Learning by doing
Jacqueline Vance, RNC, CDONA/LTC
OK, so here is something I totally don't understand. It has to do with how a lot of nursing staff think about new hires. (Probably Chapter 2 in my imaginary book, “Eating their young / a nurse's guide to orienting and mentoring.”)
Why is it that nursing staff expect new nurses and nursing assistants to be experts on day one? And if they're not completely competent experts, experienced staff aren't exactly patient with that new staff member. I've heard it all, everything from, “They graduated school so they should know,” to, “What were they thinking when they hired that one!”
For those who think like that, I have an analogy or two for you. I remember when I first got my driver's license. I graduated the driving school program, someone thought I had the minimal skills to pass the driver's test, BUT that did not mean that I was an experienced expert driver.
I actually can still hear my dad warning everyone in the neighborhood that I had gotten my license! I think it went something like, “Run for your lives, get off the streets!” or something like that. But with mentoring and experience, I got really good at driving.
I avoid the emergency room at all costs in July. Why? Because that is when all the new medical residents are let loose on unsuspecting patients. But they too will learn as they do and eventually will become competent physicians.
Let's face it: Parents are in no way experts when we have our kids. We learn as we do and if we are lucky, we become good parents. But no one ever expects a parent to be a child-rearing expert the day the baby pops out, right? You're expected to screw up a bit. (Trust me, I'm still learning how to be a good parent!)
As you “do,” you gain a deeper understanding, gain wisdom and gain skills. Why do we resist mentoring others in this field and passing on our wisdom instead of insisting the newbie tough it out while we treat her like a leper and then act surprised when she quits? ( … And then we do the whole thing over and over and over again?)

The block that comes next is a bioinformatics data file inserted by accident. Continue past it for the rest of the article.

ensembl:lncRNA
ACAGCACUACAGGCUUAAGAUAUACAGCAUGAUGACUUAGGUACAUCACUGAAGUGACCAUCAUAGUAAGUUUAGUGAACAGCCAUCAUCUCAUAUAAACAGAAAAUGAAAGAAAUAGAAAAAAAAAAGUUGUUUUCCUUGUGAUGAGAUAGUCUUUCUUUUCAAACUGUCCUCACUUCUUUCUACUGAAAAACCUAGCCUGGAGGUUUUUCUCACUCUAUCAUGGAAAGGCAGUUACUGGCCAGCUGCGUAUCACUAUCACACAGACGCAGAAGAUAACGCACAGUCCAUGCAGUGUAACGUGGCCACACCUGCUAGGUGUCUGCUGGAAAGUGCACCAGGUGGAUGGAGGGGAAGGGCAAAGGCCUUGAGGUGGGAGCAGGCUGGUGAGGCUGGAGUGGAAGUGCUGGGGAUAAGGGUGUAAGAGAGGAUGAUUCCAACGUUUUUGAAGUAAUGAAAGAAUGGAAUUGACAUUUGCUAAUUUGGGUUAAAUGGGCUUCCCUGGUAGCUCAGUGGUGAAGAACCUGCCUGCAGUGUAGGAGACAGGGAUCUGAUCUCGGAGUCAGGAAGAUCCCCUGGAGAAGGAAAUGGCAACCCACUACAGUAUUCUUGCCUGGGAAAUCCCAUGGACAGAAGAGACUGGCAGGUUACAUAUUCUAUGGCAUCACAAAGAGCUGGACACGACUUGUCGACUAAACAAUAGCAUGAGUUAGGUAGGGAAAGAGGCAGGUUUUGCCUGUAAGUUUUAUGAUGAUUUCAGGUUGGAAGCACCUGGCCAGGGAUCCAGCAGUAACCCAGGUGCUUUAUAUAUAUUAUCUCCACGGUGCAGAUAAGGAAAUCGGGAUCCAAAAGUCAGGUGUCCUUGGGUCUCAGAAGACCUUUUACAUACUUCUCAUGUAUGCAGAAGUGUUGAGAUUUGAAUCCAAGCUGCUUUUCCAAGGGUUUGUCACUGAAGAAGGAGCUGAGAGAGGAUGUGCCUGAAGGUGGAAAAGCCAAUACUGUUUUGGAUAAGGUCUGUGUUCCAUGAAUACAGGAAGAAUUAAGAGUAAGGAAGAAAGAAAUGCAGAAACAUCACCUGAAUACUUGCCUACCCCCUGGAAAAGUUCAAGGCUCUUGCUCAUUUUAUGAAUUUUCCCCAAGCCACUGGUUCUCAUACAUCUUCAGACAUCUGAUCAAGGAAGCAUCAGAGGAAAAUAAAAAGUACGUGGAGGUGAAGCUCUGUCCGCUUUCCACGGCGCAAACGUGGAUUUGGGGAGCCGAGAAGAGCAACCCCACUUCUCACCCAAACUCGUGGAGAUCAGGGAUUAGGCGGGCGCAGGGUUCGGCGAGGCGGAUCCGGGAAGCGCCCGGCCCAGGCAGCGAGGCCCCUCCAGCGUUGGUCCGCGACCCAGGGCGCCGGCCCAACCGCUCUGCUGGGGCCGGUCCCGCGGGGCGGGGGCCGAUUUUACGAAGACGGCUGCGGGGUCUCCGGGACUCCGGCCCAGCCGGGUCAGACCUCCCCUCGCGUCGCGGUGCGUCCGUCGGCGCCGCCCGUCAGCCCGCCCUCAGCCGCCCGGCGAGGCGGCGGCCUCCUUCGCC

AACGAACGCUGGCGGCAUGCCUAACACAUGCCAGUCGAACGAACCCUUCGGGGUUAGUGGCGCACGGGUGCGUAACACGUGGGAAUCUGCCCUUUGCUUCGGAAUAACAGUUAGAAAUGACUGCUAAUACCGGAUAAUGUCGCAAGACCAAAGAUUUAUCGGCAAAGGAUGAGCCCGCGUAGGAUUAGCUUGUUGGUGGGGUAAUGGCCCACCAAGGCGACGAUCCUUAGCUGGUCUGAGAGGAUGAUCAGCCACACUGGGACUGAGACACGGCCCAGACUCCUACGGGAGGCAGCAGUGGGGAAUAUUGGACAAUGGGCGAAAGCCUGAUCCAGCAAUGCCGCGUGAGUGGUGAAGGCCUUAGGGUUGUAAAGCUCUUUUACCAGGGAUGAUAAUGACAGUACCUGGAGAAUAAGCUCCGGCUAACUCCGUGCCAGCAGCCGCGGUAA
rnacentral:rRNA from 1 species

Meanwhile, you're overworked and stressed because you're understaffed and your overtime is through the roof. And all you had to do was to mentor your own and create a strong competent staff that has your back.
I just got back from the AHCA Quality Award Program Senior Examiner training. All team leaders are given at least one new examiner to take his or her wing and mentor through the process. It is our hope that the new examiner is mentored well, enjoys the teaming, learns the process and wants to come back the next year.
Can you imagine if we took the “eat your young” attitude and said, “Hey, these new examiners watched all the training webinars, read the training materials, and had three days of onsite training so they need to review these applications all on their own. If they fail, that's their fault!” Besides, that being the opposite of quality, not one new examiner would ever come back and that means more work for the “experienced.”
So give your new staff time to learn as they do. Don't expect perfection from day one and if you're smart, pass on your wisdom. That is the heart of mentorship: guiding someone to learn as they do. You'll gain as much as they do!
Just keeping it real,
The Real Nurse Jackie is written by Jacqueline Vance, RNC, CDONA/LTC, an APEX Award of Excellence winner for Blog Writing. Vance is a real life long-term care nurse. A nationally respected nurse educator and past national LTC Nurse Administrator of the Year, she also is an accomplished stand-up comedienne. She has not starred in her own national television series — yet. The opinions supplied here are her own and do not necessarily reflect those of her employer or her professional affiliates.